The Kelpies

A remarkable example of public art, the Kelpies represent the world's largest equine sculptures, forming a landmark gateway to the eastern end of the Forth and Clyde Canal, where it enters the River Carron, 1½ miles (2.5 km) west of Grangemouth and 2 miles (3 km) northeast of Falkirk. Comprising a pair of immense horse-heads in bright stainless-steel, they take their name from the mystical water horses of Celtic folklore, said to live in the rivers and lochs of Scotland. Modelled on two Clydesdale heavy horses, the sculptures were commissioned by Scottish Canals at a cost of £5 million, and supported by Falkirk Council and the Big Lottery Fund. The work of Glasgow-based artist Andy Scott (b.1964), each sculpture stands 30m (98 feet) in height and weighs 300 tonnes. The sculptures effectively incorporate a sense of movement and comprise a skin of thousands of laser-cut stainless steel plates riveted to a massive steel frame. Towering over the M9 motorway and the canal marina, the sculptor wanted to make a bold statement and ensure the subjects were sufficiently obvious that they did not cause a distraction for drivers on the motorway, who might slow down as they tried to decide what the sculpture represented. The sculptures are intended as a monument to a horse-powered heritage, a time when horses were the mainstay of agricultural production and vital to transportation, pulling carts but also dragging barges along the adjacent canal.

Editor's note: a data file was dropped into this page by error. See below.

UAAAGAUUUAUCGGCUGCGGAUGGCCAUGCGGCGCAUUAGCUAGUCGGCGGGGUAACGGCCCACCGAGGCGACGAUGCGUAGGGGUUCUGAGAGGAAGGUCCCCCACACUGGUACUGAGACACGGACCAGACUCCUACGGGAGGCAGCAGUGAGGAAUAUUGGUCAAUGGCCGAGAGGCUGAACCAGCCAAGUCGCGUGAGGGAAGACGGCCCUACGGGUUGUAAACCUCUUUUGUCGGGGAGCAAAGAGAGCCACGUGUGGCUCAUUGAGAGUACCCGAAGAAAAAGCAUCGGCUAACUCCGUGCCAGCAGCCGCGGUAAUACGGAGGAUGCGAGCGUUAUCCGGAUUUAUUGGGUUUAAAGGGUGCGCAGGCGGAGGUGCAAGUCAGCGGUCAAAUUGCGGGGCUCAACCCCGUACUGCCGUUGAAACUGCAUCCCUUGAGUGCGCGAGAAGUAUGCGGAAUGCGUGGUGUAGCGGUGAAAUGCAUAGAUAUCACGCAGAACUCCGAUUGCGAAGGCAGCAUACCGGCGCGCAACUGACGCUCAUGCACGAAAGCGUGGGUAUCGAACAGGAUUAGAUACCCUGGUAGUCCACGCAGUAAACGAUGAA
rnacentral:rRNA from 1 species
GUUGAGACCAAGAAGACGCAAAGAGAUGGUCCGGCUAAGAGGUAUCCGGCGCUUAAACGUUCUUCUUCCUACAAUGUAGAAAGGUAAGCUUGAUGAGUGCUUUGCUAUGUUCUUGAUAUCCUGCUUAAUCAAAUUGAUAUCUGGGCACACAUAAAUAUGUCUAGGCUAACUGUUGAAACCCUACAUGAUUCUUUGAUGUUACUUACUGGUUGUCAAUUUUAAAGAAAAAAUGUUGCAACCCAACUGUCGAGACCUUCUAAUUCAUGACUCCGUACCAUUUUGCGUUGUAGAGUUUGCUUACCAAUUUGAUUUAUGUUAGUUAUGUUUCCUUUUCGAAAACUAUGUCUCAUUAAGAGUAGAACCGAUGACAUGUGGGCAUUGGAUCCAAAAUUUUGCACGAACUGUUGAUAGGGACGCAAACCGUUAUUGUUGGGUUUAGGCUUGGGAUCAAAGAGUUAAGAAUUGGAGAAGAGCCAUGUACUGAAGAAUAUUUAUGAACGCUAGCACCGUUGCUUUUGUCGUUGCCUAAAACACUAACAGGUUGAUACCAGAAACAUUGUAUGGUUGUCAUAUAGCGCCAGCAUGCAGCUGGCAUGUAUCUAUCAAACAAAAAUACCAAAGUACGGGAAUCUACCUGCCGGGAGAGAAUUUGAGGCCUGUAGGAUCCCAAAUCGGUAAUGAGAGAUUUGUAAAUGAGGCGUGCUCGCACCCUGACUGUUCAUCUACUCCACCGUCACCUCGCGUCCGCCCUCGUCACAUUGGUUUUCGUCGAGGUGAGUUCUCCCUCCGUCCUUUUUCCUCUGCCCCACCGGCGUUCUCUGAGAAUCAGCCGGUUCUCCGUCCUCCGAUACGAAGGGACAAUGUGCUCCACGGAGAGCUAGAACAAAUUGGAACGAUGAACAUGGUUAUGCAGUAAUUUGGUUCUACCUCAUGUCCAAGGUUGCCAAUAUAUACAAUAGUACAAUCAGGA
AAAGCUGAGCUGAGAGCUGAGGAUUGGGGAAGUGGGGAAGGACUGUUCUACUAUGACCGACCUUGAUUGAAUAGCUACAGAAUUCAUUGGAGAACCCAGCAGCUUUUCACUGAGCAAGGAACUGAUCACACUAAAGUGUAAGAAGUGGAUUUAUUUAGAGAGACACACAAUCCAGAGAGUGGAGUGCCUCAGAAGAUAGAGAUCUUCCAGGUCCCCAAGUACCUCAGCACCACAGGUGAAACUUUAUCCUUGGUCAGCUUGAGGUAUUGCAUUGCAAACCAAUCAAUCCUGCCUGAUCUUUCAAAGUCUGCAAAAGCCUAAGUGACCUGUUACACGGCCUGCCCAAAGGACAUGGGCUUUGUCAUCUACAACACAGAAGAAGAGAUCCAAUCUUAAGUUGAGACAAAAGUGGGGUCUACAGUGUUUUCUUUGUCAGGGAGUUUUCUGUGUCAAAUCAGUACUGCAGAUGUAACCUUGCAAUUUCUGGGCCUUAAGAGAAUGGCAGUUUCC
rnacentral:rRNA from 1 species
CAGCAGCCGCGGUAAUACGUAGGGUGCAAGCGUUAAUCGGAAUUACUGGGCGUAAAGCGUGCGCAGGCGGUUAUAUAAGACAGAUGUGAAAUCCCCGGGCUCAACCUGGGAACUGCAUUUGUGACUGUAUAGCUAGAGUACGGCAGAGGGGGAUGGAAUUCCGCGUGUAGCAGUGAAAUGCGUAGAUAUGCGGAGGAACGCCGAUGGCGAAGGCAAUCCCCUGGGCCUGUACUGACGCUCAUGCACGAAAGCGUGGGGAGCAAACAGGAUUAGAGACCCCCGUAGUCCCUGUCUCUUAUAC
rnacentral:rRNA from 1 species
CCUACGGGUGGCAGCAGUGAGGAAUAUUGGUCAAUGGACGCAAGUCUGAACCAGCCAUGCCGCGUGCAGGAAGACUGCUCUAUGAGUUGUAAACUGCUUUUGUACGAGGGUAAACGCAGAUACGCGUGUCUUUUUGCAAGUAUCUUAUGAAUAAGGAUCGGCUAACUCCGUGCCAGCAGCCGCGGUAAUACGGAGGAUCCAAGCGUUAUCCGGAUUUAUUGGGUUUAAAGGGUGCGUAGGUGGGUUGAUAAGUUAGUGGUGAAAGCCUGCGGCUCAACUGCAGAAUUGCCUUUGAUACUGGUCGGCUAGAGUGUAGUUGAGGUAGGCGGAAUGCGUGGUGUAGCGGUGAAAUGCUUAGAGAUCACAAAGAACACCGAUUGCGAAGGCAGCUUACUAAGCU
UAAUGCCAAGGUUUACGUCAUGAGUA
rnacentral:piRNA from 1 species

Three-dimensional computer models were created from the artist's original designs by SH Structures, a steel-fabricator in Yorkshire (England), who then built the full-size sculptures and assembled these on-site. Each of the heads rise from a 1600-tonne concrete foundation that is supported by 32-m (105-foot) long piles fixed to bedrock. These foundations were the work of Balfour Beatty Civil Engineering. Each horse-head will be surrounded by a reflecting pool that is designed to enhance its visual appeal, and multi-coloured illumination is switched on at night. HRH the Princess Royal formally opened the site on the 8th July 2015, while a £1.8-million visitor centre opened later the same year.

The Kelpies represent one of the more tangible components of the £43-million Helix project, a ten-year programme intended to redevelop a former industrial area into 300 ha (740 acres) of greenspace, comprising parkland, woodland, walking paths and cycle-ways.

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